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be displayed in Peace & Justice Film Series:
Welcome to the Peace & Justice Film Series!
Welcome to the Fall 2011 Peace & Justice Film Series!
This season we will show a variety of films to capture all interests. Most films will address current and pressing issues of our time, and we hope to provide a place for education and for people to speak out their opinions and learn their options for action. These films will be showing almost every Thursday from February 3 to April 28, 2011. We hope you will join us in watching and discussing these films.
Schedule: We will be showing documentary and historical
films most Thursdays through April 28th, 2011. All events start at 7:00pm. Almost all films will be shown in the U.C. Theater at the University of Montana. The only exception will be Teachings of the Tree People on April 21. That will be shown in the Urey Underground Lecture Hall, also on the University campus.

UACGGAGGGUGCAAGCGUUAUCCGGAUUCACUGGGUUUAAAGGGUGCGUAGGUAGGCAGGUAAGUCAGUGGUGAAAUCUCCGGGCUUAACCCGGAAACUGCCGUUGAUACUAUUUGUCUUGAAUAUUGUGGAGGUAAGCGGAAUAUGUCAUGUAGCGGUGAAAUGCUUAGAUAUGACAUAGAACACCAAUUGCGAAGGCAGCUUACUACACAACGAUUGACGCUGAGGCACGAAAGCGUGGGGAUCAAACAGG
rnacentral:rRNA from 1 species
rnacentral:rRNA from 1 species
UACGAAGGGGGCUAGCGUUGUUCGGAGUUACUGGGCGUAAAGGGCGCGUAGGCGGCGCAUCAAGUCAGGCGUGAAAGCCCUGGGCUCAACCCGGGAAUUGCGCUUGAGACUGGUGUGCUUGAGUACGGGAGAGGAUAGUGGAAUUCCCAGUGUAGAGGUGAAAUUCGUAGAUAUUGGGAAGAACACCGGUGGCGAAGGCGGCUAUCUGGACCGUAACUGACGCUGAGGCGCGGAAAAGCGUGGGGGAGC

Admission: By Donation. No one is turned away.
There will be a lively and respectful
discussion after each screening of every film. All of these movies are thought provoking, so please stay afterwards and share your thoughts with other members of the community. We encourage participants with all points
of view to attend: diversity of opinion leads to richer discussions and deeper
“We’re stuck up a cul-de-sac in a cement SUV without a fill-up”
The End of Suburbia
Oil Depletion and
Collapse of the American Dream
(Canada: 2004, 78min.)
Feturing Michael Klare & James Howard Kunstler
Thursday February 4, 2011, 7:00pm
Since World War II, North Americans have invested much of their newfound wealth in suburbia. It has promised a sense of space, affordability, family life and upward mobility. As the population of suburban sprawl has exploded in the past 50 years, so too has the suburban way of life become embedded in the American consciousness.
Suburbia, and all its promises, has become the American Dream. In the era of “Peak Oil”, it now appears that this dream is no longer sustainable. What can be done, and what are the consequences of inaction?
6th Annual Missoula Labor Film Festival
A Perfect Compliment to the Peace & Justice Film Series